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Setting Up Development Environment
High-Level Systems
UUSL (Unified UNIGINE Shader Language)
File Formats
Rebuilding the Engine and Tools
Double Precision Coordinates
Common Functionality
Controls-Related Classes
Engine-Related Classes
Filesystem Functionality
GUI-Related Classes
Math Functionality
Node-Related Classes
Networking Functionality
Pathfinding-Related Classes
Physics-Related Classes
Plugins-Related Classes
Rendering-Related Classes
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Structure of a Program

Like any other computer program, Unigine script program is a sequence of instructions that tell the computer what to do. Lets take a quick look at the basic components of the UnigineScript program.

Statements and Expressions

The most common type of instructions in a program is the statement. A statement in UnigineScript is the smallest independent unit in the language. We write statements in order to convey to the interpreter that we want to perform a task. Statements in UnigineScript are terminated by a semicolon.

The most common types of simple statements:

Source code (UnigineScript)
int x;

int x is a declaration statement. It tells the interpreter that x is a variable. All variables in a program must be declared before they are used.

Source code (UnigineScript)
x = 5;

x = 5 is an assignment statement. It assigns a value (5) to a variable (x).

The interpreter is also capable of resolving expressions. An expression is a mathematical entity that evaluates to a value. Expressions can involve values (such as 2), variables (such as x), operators (such as +) and functions. They can be singular (such as 2, or x), or compound (such as 2 + 3, 2 + x, x + y, or (2 + x)*(y - 3)).

Source code (UnigineScript)
x = 2 + 3;

x = 2 + 3 is a valid assignment statement. The expression 2+3 evaluates to the value of 5. This value of 5 is then assigned to x.


A variable is the name for a place in the computer's memory where you store some data. To be distinguished from others each variable needs an identifier (a sequence of characters used to name the variable, type, class, function etc.) In UnigineScript variables are declared to be of a type (however, the language uses dynamic typing in fact).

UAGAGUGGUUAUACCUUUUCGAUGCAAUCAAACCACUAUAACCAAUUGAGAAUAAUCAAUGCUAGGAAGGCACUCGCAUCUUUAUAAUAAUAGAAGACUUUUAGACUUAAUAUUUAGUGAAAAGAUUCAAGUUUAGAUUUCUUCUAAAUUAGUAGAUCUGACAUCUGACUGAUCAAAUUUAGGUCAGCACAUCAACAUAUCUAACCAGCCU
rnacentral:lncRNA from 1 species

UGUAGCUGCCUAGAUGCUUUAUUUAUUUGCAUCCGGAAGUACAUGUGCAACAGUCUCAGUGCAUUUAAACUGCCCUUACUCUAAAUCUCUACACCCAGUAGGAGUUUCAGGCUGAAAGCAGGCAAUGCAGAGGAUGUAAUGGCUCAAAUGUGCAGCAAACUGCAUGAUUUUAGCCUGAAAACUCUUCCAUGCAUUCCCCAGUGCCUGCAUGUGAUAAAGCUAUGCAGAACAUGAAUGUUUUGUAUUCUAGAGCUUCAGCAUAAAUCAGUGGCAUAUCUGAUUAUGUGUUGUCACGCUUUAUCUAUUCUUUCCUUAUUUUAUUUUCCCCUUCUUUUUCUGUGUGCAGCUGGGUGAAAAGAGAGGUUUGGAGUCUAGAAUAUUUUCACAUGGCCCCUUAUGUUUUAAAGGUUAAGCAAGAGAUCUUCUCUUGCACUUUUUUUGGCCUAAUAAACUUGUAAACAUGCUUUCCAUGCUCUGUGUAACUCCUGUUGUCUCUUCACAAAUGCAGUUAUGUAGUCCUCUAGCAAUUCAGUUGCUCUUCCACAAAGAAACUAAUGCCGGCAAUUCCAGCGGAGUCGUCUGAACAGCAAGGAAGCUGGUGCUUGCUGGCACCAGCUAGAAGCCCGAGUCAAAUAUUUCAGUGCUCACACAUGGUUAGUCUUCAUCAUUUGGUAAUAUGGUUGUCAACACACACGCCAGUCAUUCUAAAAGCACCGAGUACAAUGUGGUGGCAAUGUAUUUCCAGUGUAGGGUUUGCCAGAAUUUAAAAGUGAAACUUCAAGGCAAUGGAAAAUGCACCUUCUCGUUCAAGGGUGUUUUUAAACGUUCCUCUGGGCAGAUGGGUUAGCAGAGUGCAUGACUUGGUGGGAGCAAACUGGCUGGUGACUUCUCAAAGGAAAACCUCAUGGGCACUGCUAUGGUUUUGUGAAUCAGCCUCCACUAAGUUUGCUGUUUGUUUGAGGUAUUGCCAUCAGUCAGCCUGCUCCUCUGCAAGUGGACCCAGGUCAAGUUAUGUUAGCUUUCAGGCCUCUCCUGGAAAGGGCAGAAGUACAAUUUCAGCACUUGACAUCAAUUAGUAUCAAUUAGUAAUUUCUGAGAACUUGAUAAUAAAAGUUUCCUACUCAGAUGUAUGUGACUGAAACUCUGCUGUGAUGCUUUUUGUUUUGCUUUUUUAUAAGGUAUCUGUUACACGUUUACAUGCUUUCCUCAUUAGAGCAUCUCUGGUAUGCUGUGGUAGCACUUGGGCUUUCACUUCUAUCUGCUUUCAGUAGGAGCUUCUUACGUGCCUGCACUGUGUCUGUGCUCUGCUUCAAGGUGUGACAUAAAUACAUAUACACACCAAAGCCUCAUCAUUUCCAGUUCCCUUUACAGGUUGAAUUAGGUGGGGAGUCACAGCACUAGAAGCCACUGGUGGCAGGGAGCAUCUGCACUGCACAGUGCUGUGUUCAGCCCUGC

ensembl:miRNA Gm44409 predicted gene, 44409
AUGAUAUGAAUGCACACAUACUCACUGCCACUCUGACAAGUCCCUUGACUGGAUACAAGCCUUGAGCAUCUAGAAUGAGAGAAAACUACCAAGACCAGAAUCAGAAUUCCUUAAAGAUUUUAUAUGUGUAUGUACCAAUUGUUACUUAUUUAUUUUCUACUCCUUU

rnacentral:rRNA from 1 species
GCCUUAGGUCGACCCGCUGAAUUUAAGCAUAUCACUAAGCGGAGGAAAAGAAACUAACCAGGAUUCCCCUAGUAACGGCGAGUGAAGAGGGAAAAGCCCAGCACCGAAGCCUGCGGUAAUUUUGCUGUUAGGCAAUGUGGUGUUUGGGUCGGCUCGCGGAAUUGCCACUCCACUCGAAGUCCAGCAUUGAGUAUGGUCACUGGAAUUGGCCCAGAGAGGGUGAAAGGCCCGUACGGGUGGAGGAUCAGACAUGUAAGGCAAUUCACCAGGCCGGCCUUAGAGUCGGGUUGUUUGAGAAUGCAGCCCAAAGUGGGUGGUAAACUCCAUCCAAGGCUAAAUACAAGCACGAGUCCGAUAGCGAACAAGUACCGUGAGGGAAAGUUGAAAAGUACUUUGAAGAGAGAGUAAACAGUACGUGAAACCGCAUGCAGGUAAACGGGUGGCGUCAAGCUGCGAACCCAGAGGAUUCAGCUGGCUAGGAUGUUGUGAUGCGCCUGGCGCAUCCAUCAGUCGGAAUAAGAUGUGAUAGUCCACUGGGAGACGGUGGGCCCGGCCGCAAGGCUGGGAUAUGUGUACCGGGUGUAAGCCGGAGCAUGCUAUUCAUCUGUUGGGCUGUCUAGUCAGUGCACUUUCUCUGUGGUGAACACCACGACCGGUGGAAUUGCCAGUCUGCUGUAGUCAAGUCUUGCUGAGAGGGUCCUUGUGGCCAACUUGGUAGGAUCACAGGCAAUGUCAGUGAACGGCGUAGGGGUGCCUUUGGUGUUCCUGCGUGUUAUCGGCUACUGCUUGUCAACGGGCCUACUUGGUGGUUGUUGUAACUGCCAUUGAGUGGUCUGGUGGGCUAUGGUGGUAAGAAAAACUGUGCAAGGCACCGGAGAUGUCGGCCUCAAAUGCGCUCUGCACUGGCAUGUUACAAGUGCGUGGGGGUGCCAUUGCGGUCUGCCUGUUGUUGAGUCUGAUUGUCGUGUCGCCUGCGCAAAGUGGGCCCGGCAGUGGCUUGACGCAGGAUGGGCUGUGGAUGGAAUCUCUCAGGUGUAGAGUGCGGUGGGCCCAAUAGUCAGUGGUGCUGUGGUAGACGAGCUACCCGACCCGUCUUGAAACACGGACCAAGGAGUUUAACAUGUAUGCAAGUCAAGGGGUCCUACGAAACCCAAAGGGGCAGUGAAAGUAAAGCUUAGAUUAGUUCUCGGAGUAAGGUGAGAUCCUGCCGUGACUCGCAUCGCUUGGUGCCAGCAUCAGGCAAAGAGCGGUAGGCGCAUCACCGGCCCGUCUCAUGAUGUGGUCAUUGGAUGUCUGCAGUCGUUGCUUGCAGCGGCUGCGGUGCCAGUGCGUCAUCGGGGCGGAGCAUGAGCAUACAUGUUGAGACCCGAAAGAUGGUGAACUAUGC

Here is an example of a variable declaration.

Source code (UnigineScript)
int x; // x - identifier, int - type
All the variables in UnigineScript are static by default.

For example:

Source code (UnigineScript)
int foo() {
	int i;
	return i++;


// the output is: 0,1,2,3...

You can also specify a reference variable if you want to allow your function to modify passed values:

Source code (UnigineScript)
void foo(int &v) {
	if(v) log.message("%d\n",v);
	v = 13;

int v = 0;

// the output is: 13


UnigineScript supports both single- and multi-line comments. Comments are ignored during code execution.

  1. Single-line comments. Everything starting from // to the end of a line is a comment:
    Source code (UnigineScript)
    // single-line comment
    int x; // one more comment
  2. Everything between /* and */ is a multi-line comment:
    Source code (UnigineScript)
    /* multi-line comment:
     * comment line
     * one more line
    int foo() {
    	return 0;


In UnigineScript, statements are typically grouped into units called functions. A function is a collection of statements that executes sequentially. Read more information about functions.


Libraries are groups of functions that have been “packaged up” for reuse in many different programs. The core UnigineScript language is actually very small and minimalistic — however, UnigineScript comes with a bunch of libraries, that provide programmers with lots of extra functionality. To include the library in your program use Preprocessor Directives.

Last update: 2017-07-03
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